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    I think thousands of football, hockey and lacrosse players cant be wrong. Having a pad to distribute the impact force over the whole shoulder seems to prevent many clavicle and acromio-clavicular injuries, most of which occur during 'landing'. They wear them despite heat and weight.

  13. #13
    T.W.O.
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    Spyder Freeryde Jersey and shorts with D3O

    I've been using this since 2008, I love it. It fit a bit tight but it's awesome. It retail about $650 a set.

    The good news is you can find these now at the Spyder outlet, it's pretty much all around the country. order them and they ship it to you. Now here's a good news. The jersey usually tag at $120, and shorts at $100, that's already a pretty good price, but most outlet store would also give 50% off. I bought a few since it's been working out for me.

    If you can choose a larger size than the jersey you are wearing now. The largest size I can find is Large for the top, but up to XXL for the shorts. The are the most comfortable and offer most protection for the package, IMO.

  14. #14
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    There is basically nothing that can protect you from breaking your clavicle. Besides it doesn't even hurt that bad!

    I broke mine playing ultimate Frisbee. yes lame i know, but it just goes to show it is about the easiest bone in your body to brake and no amount of padding will prevent it.

  15. #15
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    Quote Originally Posted by cristobal
    I think thousands of football, hockey and lacrosse players cant be wrong. Having a pad to distribute the impact force over the whole shoulder seems to prevent many clavicle and acromio-clavicular injuries, most of which occur during 'landing'. They wear them despite heat and weight.
    Thousands of football, hockey, and lacrosse players have broken their clavicle despite wearing pads. i personally know about ten kids from my high school that play those sports that have broken theirs.

  16. #16
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    So do I, but I've seen more of these injuries from kids playing on the sandlot without pads than while playing organized sports. (Thats partly because I am old enough to have seen the day when kids used to play on the sandlot : )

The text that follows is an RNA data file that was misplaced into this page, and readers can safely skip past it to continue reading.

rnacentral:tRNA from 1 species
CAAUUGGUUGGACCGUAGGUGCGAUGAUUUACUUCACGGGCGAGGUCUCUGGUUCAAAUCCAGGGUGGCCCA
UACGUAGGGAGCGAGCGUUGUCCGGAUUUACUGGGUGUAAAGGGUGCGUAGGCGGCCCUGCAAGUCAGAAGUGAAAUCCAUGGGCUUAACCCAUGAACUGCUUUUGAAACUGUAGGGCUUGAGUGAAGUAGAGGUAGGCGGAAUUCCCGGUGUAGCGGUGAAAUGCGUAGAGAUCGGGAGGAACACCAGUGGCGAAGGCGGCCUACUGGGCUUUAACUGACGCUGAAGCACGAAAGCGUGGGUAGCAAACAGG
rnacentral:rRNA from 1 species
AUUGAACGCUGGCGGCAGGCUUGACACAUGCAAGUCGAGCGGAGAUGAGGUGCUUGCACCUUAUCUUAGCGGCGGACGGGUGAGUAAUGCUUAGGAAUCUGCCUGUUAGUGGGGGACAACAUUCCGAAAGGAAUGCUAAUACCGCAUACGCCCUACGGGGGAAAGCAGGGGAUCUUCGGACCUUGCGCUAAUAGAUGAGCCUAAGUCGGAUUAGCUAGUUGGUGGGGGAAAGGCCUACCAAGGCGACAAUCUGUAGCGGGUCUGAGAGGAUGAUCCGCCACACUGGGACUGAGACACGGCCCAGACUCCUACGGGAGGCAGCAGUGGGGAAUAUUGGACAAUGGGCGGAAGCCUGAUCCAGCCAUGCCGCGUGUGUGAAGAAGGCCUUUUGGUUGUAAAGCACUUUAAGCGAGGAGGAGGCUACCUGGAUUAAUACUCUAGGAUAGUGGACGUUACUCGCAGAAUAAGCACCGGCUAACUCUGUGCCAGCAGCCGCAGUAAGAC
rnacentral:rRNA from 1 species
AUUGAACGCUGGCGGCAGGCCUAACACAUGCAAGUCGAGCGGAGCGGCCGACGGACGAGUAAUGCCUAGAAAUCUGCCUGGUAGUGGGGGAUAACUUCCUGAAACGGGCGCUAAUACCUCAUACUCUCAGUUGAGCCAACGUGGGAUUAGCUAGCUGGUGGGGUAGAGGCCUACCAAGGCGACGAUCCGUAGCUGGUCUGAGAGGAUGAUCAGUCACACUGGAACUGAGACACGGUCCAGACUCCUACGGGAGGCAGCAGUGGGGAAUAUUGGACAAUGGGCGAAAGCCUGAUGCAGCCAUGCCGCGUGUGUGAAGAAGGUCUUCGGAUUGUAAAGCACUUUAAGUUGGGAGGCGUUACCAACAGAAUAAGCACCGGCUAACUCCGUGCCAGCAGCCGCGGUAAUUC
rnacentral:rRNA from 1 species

17. #17
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    Axial Load is the culprit

    Erginguney is correct. It is usually the axial load on the clavicle that breaks it. Think of standing a twig on end, pushing down on the upper end, watch it bow until it breaks. This is the force experienced by the clavicle from the force transmitted to it from an outstretched arm breaking a fall. A very common injury to roadies.
    It is conceiveable you could break it from a force perpendicular to the clavicle such as making contact with it against a rock. If that is the case I hope you have a full face helmet on as well because that means you weren't able to break the fall with your arms. Your face will probably be dinged up a bit as well.
    I'm an orthopedic trauma surgical RN, so I've seen a number of these. They've all been on roadies and pavement, no sharp stuff shoulder pads or chest protectors would have helped.

  18. #18
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    I am forced to resort to scholarly research. Please read the referenced abstract below:

    "The mechanism of clavicular fracture. A clinical and biomechanical analysis."

    Stanley D; Trowbridge EA; Norris SH

    J Bone Joint Surg Br. 1988 May;70(3):461-4.

    A consecutive series of 150 patients with clavicular fractures is presented. In 81% detailed information regarding the mechanism of the injury was available and, of these, 94% had fractured their clavicle from a direct blow on the shoulder; only 6% had fallen on the outstretched hand. This finding, at variance with commonly held views regarding the mechanism of this injury, was further investigated by biomechanical analysis of the forces involved in clavicular fractures. The biomechanical model supported the clinical findings.


    Also, just as important, is that AC joint injuries, which are worse than fractures, are due to direct impact 94% of the time.

  19. #19
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    Quote Originally Posted by bad mechanic
    A tuck and roll is still very capable of breaking a collar bone, though I don't know how much armor would help that.

    in all likelyhood armor aint gonna keep your bones intact.

  20. #20
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    Quote Originally Posted by cristobal
    I am forced to resort to scholarly research. Please read the referenced abstract below:

    "The mechanism of clavicular fracture. A clinical and biomechanical analysis."

    Stanley D; Trowbridge EA; Norris SH

    J Bone Joint Surg Br. 1988 May;70(3):461-4.